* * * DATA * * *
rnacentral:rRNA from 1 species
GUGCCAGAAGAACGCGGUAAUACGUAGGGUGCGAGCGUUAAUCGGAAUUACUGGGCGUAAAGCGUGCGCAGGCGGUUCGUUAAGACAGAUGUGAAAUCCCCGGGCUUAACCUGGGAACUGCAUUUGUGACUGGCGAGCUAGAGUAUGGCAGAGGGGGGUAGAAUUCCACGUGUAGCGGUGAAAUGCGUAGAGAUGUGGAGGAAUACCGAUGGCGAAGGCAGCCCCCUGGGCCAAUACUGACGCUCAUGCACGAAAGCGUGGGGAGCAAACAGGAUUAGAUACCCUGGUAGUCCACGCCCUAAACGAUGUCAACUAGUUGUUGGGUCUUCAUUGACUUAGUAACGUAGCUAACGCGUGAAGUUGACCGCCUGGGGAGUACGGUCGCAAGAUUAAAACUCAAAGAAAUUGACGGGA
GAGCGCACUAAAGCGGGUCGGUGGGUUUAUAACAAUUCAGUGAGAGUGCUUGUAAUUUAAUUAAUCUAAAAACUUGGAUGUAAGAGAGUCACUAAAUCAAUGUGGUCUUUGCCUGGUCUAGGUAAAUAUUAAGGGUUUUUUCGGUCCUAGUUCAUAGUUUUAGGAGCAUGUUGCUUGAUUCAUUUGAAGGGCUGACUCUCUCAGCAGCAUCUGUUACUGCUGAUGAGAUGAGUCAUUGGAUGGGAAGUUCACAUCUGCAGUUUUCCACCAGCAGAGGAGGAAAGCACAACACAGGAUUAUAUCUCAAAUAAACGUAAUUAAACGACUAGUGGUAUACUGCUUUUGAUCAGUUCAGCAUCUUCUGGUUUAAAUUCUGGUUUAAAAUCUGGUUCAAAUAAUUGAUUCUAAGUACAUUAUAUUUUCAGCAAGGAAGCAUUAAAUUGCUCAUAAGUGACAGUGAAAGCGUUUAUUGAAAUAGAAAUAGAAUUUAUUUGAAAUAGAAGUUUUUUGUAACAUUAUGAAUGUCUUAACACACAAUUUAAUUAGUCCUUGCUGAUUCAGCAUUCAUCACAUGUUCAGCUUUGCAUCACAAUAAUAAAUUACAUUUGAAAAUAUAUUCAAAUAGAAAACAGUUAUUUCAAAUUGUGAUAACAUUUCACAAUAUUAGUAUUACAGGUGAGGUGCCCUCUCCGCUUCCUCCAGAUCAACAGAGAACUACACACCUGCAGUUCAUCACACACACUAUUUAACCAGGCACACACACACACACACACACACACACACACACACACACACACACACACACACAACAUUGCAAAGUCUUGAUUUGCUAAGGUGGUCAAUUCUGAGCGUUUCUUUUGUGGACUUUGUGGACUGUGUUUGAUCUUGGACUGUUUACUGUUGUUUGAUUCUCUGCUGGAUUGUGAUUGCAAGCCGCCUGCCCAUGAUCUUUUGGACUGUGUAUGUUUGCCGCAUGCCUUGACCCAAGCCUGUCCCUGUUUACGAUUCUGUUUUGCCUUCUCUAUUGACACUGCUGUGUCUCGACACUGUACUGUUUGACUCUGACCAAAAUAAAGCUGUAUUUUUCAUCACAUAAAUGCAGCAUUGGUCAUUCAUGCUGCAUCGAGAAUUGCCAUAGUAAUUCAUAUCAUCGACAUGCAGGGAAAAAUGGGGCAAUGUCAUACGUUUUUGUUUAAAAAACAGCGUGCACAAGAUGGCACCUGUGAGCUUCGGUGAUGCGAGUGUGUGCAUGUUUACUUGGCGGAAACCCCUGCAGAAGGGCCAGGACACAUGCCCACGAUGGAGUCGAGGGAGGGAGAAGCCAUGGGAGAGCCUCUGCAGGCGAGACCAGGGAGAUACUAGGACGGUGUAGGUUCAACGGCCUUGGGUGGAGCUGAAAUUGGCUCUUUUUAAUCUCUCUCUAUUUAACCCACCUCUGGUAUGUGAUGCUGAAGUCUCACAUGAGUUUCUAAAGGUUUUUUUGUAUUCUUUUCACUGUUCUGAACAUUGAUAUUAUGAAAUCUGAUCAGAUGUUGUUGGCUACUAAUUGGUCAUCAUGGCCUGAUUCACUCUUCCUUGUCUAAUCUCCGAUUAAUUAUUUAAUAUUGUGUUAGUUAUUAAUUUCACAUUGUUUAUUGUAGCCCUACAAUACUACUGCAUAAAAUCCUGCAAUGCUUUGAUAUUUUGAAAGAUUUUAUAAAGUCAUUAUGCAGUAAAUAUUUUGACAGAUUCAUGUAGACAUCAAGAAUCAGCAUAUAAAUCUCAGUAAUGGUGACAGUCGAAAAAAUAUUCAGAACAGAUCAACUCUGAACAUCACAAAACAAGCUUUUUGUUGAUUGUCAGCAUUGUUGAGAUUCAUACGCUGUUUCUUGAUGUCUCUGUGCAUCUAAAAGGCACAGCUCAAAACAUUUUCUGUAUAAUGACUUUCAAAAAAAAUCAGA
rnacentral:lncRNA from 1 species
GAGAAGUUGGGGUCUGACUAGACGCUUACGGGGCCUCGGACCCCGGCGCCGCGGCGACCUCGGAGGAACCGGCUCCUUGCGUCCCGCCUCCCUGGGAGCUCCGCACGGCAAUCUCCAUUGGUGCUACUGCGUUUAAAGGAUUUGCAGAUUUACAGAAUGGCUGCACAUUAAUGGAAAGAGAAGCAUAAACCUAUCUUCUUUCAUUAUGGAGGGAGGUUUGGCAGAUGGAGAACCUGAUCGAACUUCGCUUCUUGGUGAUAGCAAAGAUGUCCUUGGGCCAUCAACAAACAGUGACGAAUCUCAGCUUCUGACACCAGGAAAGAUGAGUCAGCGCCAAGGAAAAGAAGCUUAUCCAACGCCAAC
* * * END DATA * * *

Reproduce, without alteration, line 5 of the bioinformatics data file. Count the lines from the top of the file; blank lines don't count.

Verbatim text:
GAGAAGUUGGGGUCUGACUAGACGCUUACGGGGCCUCGGACCCCGGCGCCGCGGCGACCUCGGAGGAACCGGCUCCUUGCGUCCCGCCUCCCUGGGAGCUCCGCACGGCAAUCUCCAUUGGUGCUACUGCGUUUAAAGGAUUUGCAGAUUUACAGAAUGGCUGCACAUUAAUGGAAAGAGAAGCAUAAACCUAUCUUCUUUCAUUAUGGAGGGAGGUUUGGCAGAUGGAGAACCUGAUCGAACUUCGCUUCUUGGUGAUAGCAAAGAUGUCCUUGGGCCAUCAACAAACAGUGACGAAUCUCAGCUUCUGACACCAGGAAAGAUGAGUCAGCGCCAAGGAAAAGAAGCUUAUCCAACGCCAAC